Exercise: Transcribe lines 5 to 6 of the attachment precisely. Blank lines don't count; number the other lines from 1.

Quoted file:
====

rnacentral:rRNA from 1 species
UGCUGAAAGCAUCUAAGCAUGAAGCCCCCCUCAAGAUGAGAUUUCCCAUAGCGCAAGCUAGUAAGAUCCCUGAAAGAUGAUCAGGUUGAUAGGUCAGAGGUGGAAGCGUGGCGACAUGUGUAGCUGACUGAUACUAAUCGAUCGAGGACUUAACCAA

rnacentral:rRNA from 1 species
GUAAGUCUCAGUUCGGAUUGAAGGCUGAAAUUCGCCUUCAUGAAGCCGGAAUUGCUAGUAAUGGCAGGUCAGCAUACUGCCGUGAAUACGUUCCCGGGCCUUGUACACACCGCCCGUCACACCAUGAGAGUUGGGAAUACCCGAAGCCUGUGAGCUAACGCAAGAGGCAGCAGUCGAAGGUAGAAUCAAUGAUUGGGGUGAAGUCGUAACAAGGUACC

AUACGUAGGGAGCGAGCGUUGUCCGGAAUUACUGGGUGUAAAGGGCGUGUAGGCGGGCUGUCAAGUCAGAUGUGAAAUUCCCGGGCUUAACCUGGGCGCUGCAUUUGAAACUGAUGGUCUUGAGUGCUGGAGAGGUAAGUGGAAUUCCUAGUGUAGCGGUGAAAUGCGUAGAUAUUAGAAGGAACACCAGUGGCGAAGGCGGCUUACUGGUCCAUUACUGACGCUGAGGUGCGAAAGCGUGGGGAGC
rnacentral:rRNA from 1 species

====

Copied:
AUACGUAGGGAGCGAGCGUUGUCCGGAAUUACUGGGUGUAAAGGGCGUGUAGGCGGGCUGUCAAGUCAGAUGUGAAAUUCCCGGGCUUAACCUGGGCGCUGCAUUUGAAACUGAUGGUCUUGAGUGCUGGAGAGGUAAGUGGAAUUCCUAGUGUAGCGGUGAAAUGCGUAGAUAUUAGAAGGAACACCAGUGGCGAAGGCGGCUUACUGGUCCAUUACUGACGCUGAGGUGCGAAAGCGUGGGGAGC
rnacentral:rRNA from 1 species